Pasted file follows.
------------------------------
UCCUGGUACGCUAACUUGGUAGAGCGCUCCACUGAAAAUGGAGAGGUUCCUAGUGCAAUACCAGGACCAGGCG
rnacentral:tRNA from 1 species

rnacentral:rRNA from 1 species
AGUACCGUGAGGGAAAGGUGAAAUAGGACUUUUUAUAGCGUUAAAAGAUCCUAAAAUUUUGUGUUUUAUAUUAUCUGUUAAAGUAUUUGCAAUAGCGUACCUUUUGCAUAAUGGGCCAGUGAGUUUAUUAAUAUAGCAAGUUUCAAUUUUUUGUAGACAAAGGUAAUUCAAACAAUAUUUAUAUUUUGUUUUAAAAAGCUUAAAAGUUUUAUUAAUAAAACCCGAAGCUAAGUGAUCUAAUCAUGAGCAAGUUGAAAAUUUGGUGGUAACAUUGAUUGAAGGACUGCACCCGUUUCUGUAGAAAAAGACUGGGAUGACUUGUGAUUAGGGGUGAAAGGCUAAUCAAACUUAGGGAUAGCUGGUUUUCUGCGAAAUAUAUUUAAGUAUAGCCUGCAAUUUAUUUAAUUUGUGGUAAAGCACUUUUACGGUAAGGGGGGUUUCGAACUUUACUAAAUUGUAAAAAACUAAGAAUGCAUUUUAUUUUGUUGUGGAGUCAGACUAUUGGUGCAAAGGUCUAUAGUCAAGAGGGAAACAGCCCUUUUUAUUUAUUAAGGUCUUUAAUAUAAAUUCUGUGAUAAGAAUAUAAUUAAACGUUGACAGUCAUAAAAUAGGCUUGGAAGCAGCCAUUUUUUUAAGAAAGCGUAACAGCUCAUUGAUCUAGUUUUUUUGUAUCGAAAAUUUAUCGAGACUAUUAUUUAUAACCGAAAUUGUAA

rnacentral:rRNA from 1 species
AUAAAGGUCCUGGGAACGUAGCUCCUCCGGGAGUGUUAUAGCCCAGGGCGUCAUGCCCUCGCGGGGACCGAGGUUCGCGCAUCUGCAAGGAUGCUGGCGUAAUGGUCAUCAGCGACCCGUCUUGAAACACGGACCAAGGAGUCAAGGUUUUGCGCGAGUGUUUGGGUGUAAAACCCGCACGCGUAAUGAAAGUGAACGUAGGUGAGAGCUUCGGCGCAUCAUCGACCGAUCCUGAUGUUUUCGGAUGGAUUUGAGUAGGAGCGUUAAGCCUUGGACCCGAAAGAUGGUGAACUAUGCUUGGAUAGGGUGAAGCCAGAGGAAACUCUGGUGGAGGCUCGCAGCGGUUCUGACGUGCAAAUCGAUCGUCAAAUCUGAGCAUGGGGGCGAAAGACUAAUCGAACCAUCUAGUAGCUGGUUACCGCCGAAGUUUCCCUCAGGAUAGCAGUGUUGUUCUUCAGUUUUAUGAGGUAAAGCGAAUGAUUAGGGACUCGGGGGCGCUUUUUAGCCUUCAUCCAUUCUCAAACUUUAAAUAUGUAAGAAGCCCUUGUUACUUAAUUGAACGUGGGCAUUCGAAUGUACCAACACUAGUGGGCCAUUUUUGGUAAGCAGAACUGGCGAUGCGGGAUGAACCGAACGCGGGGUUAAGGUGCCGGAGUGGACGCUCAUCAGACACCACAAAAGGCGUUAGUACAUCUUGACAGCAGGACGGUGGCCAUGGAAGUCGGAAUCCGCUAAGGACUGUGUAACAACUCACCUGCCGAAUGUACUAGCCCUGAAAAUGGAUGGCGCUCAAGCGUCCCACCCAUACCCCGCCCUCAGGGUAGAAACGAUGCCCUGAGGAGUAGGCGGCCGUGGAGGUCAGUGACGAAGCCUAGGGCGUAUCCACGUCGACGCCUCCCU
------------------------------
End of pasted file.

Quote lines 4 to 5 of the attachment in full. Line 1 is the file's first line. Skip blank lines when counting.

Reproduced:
AGUACCGUGAGGGAAAGGUGAAAUAGGACUUUUUAUAGCGUUAAAAGAUCCUAAAAUUUUGUGUUUUAUAUUAUCUGUUAAAGUAUUUGCAAUAGCGUACCUUUUGCAUAAUGGGCCAGUGAGUUUAUUAAUAUAGCAAGUUUCAAUUUUUUGUAGACAAAGGUAAUUCAAACAAUAUUUAUAUUUUGUUUUAAAAAGCUUAAAAGUUUUAUUAAUAAAACCCGAAGCUAAGUGAUCUAAUCAUGAGCAAGUUGAAAAUUUGGUGGUAACAUUGAUUGAAGGACUGCACCCGUUUCUGUAGAAAAAGACUGGGAUGACUUGUGAUUAGGGGUGAAAGGCUAAUCAAACUUAGGGAUAGCUGGUUUUCUGCGAAAUAUAUUUAAGUAUAGCCUGCAAUUUAUUUAAUUUGUGGUAAAGCACUUUUACGGUAAGGGGGGUUUCGAACUUUACUAAAUUGUAAAAAACUAAGAAUGCAUUUUAUUUUGUUGUGGAGUCAGACUAUUGGUGCAAAGGUCUAUAGUCAAGAGGGAAACAGCCCUUUUUAUUUAUUAAGGUCUUUAAUAUAAAUUCUGUGAUAAGAAUAUAAUUAAACGUUGACAGUCAUAAAAUAGGCUUGGAAGCAGCCAUUUUUUUAAGAAAGCGUAACAGCUCAUUGAUCUAGUUUUUUUGUAUCGAAAAUUUAUCGAGACUAUUAUUUAUAACCGAAAUUGUAA

rnacentral:rRNA from 1 species